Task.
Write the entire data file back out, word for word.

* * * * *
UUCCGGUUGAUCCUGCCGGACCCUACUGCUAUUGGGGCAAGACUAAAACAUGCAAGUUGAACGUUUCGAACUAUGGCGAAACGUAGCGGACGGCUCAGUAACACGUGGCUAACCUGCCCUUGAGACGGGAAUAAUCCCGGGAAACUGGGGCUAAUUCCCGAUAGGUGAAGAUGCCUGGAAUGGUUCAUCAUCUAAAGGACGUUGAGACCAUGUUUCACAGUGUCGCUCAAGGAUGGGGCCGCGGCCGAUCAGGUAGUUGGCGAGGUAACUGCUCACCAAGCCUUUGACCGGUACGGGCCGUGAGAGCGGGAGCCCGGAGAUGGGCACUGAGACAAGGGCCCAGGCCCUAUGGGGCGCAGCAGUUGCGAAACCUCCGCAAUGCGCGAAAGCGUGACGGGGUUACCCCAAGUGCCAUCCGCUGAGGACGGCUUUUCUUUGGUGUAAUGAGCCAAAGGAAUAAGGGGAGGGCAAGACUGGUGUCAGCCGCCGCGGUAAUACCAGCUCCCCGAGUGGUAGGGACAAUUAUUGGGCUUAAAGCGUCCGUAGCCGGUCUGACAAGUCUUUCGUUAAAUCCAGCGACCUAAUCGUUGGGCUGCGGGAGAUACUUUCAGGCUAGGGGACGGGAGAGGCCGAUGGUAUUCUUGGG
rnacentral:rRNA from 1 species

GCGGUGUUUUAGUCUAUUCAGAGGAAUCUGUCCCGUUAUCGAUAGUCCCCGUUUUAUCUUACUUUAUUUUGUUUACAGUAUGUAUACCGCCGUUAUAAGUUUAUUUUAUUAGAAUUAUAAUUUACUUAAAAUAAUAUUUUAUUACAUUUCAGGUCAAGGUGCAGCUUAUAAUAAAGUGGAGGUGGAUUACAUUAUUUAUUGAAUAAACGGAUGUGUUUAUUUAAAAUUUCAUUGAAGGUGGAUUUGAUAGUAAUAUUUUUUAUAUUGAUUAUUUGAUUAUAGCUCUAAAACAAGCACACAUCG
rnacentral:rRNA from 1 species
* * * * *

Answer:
UUCCGGUUGAUCCUGCCGGACCCUACUGCUAUUGGGGCAAGACUAAAACAUGCAAGUUGAACGUUUCGAACUAUGGCGAAACGUAGCGGACGGCUCAGUAACACGUGGCUAACCUGCCCUUGAGACGGGAAUAAUCCCGGGAAACUGGGGCUAAUUCCCGAUAGGUGAAGAUGCCUGGAAUGGUUCAUCAUCUAAAGGACGUUGAGACCAUGUUUCACAGUGUCGCUCAAGGAUGGGGCCGCGGCCGAUCAGGUAGUUGGCGAGGUAACUGCUCACCAAGCCUUUGACCGGUACGGGCCGUGAGAGCGGGAGCCCGGAGAUGGGCACUGAGACAAGGGCCCAGGCCCUAUGGGGCGCAGCAGUUGCGAAACCUCCGCAAUGCGCGAAAGCGUGACGGGGUUACCCCAAGUGCCAUCCGCUGAGGACGGCUUUUCUUUGGUGUAAUGAGCCAAAGGAAUAAGGGGAGGGCAAGACUGGUGUCAGCCGCCGCGGUAAUACCAGCUCCCCGAGUGGUAGGGACAAUUAUUGGGCUUAAAGCGUCCGUAGCCGGUCUGACAAGUCUUUCGUUAAAUCCAGCGACCUAAUCGUUGGGCUGCGGGAGAUACUUUCAGGCUAGGGGACGGGAGAGGCCGAUGGUAUUCUUGGG
rnacentral:rRNA from 1 species

GCGGUGUUUUAGUCUAUUCAGAGGAAUCUGUCCCGUUAUCGAUAGUCCCCGUUUUAUCUUACUUUAUUUUGUUUACAGUAUGUAUACCGCCGUUAUAAGUUUAUUUUAUUAGAAUUAUAAUUUACUUAAAAUAAUAUUUUAUUACAUUUCAGGUCAAGGUGCAGCUUAUAAUAAAGUGGAGGUGGAUUACAUUAUUUAUUGAAUAAACGGAUGUGUUUAUUUAAAAUUUCAUUGAAGGUGGAUUUGAUAGUAAUAUUUUUUAUAUUGAUUAUUUGAUUAUAGCUCUAAAACAAGCACACAUCG
rnacentral:rRNA from 1 species